ENGT 3200 - CAM & Rapid Prototyping
Contemporary manufacturing processes in which the process of producing a newly designed product is expedited on Computer Aided Design/Computer Aided Manufacturing (CAD/CAM).

ENGT 3400 - Props & Test. of Eng. Materials
Mechanical properties and failure modes of engineering materials. Destructive and nondestructive testing of these materials. One two-hour lecture and one two-hour laboratory per week.

ENGT 3480 - Thermodynamics
Basic concepts and definitions, properties of pure substance, work and heat, first law of thermodynamics, second law of thermodynamics, entropy, thermodynamics of gases, vapors, and liquids in various non-flow and flow processes, and irreversibility and availability. The course will also cover heat transfer fundamentals, such as conduction, convection, and thermal radiation energy transfer.

ENGT 3500 - Metrology and GD & T
Focus on contemporary metrology instrumentation, practice with an emphasis on geometric dimensioning and tolerancing.

ENGT 4000 - Adv Modeling, Sim & Analysis
Study and application of computer modeling systems using interactive methodologies for modeling, simulation and presentation analysis.

ENGT 4250 - Manufacturing Design & Operations
Overview of design for manufacturability (DFM) and design for assembly (DFA) practices for better product design as well as related assembly processes to ensure quality, reduce delivery lead-times, and reduce the production cost.

ENGT 4500 - Senior Capstone Project
Systems approach applied to solution of product design problems; emphasis on feasibility of design solutions, manufacturability and consideration of assembly.

QS 3550 - Foundations of Lean (courses offered online only)
The course emphasizes the history, theory and main concepts of the Lean enterprise. Additionally, the content and major concepts are similar to the SME/ASQ/Shingo Lean Bronze Certification.

QS 3850 - Core Tools of Quality Systems (courses offered online only)
The course emphasizes the core tools of quality which include Failure Mode Effects Analysis (FMEA), Statistical Process Control (SPC), Production Part Approval Process (PPAP), Advanced Quality Planning (AQPQP), and Measurement Systems Analysis (MSA). The 7 basic quality tools are also presented.

ROBO 2080 - Industrial Robotics and Automation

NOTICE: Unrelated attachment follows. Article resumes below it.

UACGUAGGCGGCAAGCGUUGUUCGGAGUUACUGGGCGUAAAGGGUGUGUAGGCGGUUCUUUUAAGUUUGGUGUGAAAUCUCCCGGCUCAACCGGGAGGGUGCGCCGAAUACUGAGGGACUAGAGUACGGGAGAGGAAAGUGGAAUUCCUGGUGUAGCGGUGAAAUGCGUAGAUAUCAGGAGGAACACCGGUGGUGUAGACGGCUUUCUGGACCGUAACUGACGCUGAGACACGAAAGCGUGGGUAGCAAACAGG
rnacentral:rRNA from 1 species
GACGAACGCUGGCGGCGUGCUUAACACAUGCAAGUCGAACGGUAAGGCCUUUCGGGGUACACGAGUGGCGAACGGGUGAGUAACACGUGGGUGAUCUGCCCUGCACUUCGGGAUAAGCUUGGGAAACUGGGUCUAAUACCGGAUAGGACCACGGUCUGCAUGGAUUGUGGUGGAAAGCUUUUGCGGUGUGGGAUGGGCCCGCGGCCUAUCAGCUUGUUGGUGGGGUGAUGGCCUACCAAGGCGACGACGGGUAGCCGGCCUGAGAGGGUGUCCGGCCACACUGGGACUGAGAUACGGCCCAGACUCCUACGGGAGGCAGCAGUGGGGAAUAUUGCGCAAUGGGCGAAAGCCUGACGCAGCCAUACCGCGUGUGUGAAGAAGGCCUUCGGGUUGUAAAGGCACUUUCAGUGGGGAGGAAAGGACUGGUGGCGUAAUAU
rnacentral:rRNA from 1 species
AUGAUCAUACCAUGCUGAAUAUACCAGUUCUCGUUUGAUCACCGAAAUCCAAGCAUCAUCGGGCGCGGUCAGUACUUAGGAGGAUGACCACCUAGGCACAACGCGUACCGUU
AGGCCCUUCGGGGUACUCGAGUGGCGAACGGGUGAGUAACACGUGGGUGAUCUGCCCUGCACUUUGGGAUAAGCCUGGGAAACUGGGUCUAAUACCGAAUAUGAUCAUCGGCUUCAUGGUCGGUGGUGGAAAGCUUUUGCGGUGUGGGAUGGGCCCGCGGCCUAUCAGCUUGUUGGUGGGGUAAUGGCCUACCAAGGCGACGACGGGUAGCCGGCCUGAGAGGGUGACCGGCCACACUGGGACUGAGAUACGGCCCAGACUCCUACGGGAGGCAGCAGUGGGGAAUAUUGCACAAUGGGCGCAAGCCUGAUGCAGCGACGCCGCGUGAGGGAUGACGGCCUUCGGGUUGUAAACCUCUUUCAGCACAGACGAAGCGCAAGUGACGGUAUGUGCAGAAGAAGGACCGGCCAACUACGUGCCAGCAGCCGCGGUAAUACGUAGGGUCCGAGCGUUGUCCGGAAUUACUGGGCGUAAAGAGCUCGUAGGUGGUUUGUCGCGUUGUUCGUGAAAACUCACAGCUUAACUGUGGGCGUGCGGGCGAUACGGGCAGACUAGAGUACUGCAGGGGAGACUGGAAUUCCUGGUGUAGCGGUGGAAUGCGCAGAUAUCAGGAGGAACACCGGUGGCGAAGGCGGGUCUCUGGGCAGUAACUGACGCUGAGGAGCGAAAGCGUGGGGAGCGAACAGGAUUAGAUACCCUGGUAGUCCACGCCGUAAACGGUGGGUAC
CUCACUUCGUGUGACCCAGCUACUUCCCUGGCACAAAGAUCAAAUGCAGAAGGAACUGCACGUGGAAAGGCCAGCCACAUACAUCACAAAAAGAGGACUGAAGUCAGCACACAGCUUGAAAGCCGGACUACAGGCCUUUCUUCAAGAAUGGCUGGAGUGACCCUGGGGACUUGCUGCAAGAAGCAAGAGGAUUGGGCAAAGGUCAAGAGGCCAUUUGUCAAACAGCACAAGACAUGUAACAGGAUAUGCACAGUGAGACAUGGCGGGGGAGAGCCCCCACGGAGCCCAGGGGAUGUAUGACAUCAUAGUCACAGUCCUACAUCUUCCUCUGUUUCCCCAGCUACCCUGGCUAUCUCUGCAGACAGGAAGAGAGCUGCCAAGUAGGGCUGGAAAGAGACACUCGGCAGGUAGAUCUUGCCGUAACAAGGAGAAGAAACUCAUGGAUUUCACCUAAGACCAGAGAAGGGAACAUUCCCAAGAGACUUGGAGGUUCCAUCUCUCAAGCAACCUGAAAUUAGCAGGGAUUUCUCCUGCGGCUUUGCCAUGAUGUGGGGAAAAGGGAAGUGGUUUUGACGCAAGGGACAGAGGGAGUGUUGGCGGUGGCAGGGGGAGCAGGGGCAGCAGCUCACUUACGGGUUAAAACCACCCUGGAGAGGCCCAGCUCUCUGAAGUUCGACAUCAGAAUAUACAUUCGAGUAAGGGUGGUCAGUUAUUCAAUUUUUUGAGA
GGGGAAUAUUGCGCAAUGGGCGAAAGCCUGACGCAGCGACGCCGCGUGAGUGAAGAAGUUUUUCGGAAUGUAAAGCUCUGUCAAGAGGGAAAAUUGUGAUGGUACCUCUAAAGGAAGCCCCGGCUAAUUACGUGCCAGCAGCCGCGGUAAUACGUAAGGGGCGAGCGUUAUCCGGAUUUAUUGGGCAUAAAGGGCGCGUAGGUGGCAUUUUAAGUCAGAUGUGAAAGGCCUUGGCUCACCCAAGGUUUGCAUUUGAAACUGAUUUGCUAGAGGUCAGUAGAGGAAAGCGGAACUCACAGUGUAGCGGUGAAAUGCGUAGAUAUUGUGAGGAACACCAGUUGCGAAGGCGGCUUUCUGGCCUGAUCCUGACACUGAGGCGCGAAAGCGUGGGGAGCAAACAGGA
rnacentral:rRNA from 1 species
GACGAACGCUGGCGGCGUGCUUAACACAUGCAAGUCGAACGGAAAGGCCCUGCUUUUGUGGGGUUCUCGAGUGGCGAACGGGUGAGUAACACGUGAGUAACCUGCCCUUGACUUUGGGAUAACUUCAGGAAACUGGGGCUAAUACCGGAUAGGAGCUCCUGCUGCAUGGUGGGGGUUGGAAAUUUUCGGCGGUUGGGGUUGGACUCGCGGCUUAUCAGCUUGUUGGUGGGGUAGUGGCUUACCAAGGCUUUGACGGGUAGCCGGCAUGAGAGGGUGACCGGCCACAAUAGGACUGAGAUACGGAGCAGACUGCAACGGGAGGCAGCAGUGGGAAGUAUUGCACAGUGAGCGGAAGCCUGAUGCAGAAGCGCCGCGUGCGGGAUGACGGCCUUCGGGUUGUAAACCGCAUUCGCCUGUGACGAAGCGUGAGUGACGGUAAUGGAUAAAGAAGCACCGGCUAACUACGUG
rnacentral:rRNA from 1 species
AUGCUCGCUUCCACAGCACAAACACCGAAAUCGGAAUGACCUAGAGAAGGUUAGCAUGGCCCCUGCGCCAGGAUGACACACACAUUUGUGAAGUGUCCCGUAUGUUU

Basic principles of robotics and automation technologies with focus on theory, simulation and hands-on operation of robotics systems.

  • Electives by Advisement

Any ENGT or QS courses can be used as total of 10-12 credit hours electives based on faculty advisement; the courses shown are examples.

  • ENG 3880 - Technical Writing
  •  TECH 3020** - Technology Systems in Societies
  • TECH 4400 - Project Management
  • MATH 1280** or Equiv - Precalculus Mathematics
  • MATH 1310** or 1340**+1350 - Calculus and Analytic Geometry
  • PHYS 2010** or 2110** - College Physics I
  • PHYS 2020** or 2120** - College Physics II
  • COMM 1020** - Public Speaking
  • STAT 2000** or higher - Statistics
  • ECON 2000** or 2020** - Economics
  • MGMT 3050 - Principles of Organization and Management

At least one course in each of the following:

  • English Composition and Oral Communication
  • Quantitative Literacy

At least two courses in each domain:

  • Humanities and the Arts
  • Social and Behavioral Sciences
  • Natural Sciences

Each student enrolled in a baccalaureate program must satisfactorily complete WRIT 1120 (Seminar in Research Writing), one course approved for Cultural Diversity in the United States, and one course approved for International Perspectives.

Additional courses from any of the five categories listed above to reach a minimum of 36 credit hours.

~ Matriculation courses are shown in bold print.

** These courses may be used to meet BG Perspective requirements, but hours are counted only once.

Student Outcomes

Upon completion of the baccalaureate degree, students in the Mechanical and Manufacturing Engineering Technology program will be capable of the following Student Outcomes (SO).

  • SO 1: An ability to apply knowledge, techniques, skills and modern tools of mathematics, science, engineering, and technology to solve broadly defined engineering problems appropriate to the discipline;
  • SO 2: An ability to design systems, components, or processes meeting specified needs for broadly defined engineering problems appropriate to the discipline;
  • SO 3: An ability to apply written, oral, and graphical communication in broadly defined technical and non-technical environments; and an ability to identify and use appropriate technical literature;
  • SO 4: An ability to conduct standard tests, measurements, and experiments and to analyze and interpret the results to improve processes; and
  • SO 5: An ability to function effectively as a member as well as a leader on technical.

Bowling Green State University [BGSU] is accredited by the Higher Learning Commission.  BGSU has been accredited by the Higher Learning Commission since 01/01/1916. The most recent reaffirmation of accreditation was received in 2012 - 2013. Questions should be directed to the Office of Institutional Effectiveness.

More information on accreditation

Bowling Green State University programs leading to licensure, certification and/or endorsement, whether delivered online, face-to-face or in a blended format, satisfy the academic requirements for those credentials set forth by the State of Ohio.

Requirements for licensure, certification and/or endorsement eligibility vary greatly from one profession to another and from state to state. The Mechanical and Manufacturing Engineering Technology program does not lead to professional licensure.

More information on professional licensure

Under the Higher Education Act Title IV disclosure requirements, an institution must provide current and prospective students with information about each of its programs that prepares students for gainful employment in a recognized occupation.

The Mechanical and Manufacturing Engineering Technology program is not a recognized occupation that requires a Gainful Employment disclosure.

Updated: 10/19/2022 11:01AM